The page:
Two weeks ago, REDD-Monitor wrote about a report by Datu Research on the beef industry in the Brazilian Amazon. The report also looked at a potential new threat to Brazil’s forests, the expansion of oil palm plantations.
Despite the reduction in deforestation in Brazil over the past decade, “the deforestation problem is far from solved”, notes Datu Research in a recent report about the beef industry and deforestation in Brazil.
On 23 September 2014, Peru and Norway signed an agreement to reduce deforestation. AIDESEP, the main organization for the indigenous peoples of the Peruvian Amazon, and Rainforest Foundation Norway welcome the deal, but warn that Peru must improve its “policy and practices on forests and indigenous peoples’ rights”.
Last week, the New York Times published an article that argues that, “The science says that spending precious dollars for climate change mitigation on forestry is high-risk”. It is written by Nadine Unger, an assistant professor of atmospheric chemistry at the School of Forestry and Environmental Studies, Yale University.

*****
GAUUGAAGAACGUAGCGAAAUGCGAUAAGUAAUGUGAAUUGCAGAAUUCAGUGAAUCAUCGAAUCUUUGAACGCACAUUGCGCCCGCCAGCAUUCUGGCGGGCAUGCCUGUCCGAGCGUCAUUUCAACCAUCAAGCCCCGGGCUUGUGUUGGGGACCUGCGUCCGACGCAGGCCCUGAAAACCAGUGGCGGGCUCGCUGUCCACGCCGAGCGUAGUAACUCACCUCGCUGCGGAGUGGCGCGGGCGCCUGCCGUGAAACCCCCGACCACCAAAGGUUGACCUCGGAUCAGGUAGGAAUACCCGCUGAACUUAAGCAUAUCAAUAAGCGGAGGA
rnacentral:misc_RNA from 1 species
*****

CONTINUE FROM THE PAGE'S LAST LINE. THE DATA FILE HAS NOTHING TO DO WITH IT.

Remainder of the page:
Late in 2013, the Guyana Forestry Commission released a series of annual reports from 2005 to 2012. The oldest of these reports was already eight years old.
Over the past two weeks, a series of articles has appeared in the Kaieteur News about Chinese logging company Bai Shan Lin’s operations in Guyana. The articles accuse Bai Shan Lin of operating illegally. The Guyana Forestry Commission responds that “there is no circumventing of Guyana’s logging laws by Bai Shan Lin”.
PT Austindo Nusantara Jaya Tbk (ANJ) is an Indonesian palm oil company, that is clearing forest in West Papua to make way for an oil palm plantation. George Tahija is a commissioner of PT ANJ and a member of both The Nature Conservancy (TNC) Indonesia Chapter Advisory Board and the TNC Asia Pacific Council.
“The Tropical Forestry Action Plan is fatally flawed. Far from curbing forest loss, the Plan will accelerate deforestation.” That’s Marcus Colchester and Larry Lohmann writing about another plan to save tropical forests.
Earlier this month, more than 100 people flew to Peru to take part in a meeting in the Hilton Hotel in Lima. While they were there, “they demonstrated that innovative climate finance models can help protect forests and mitigate global climate change”.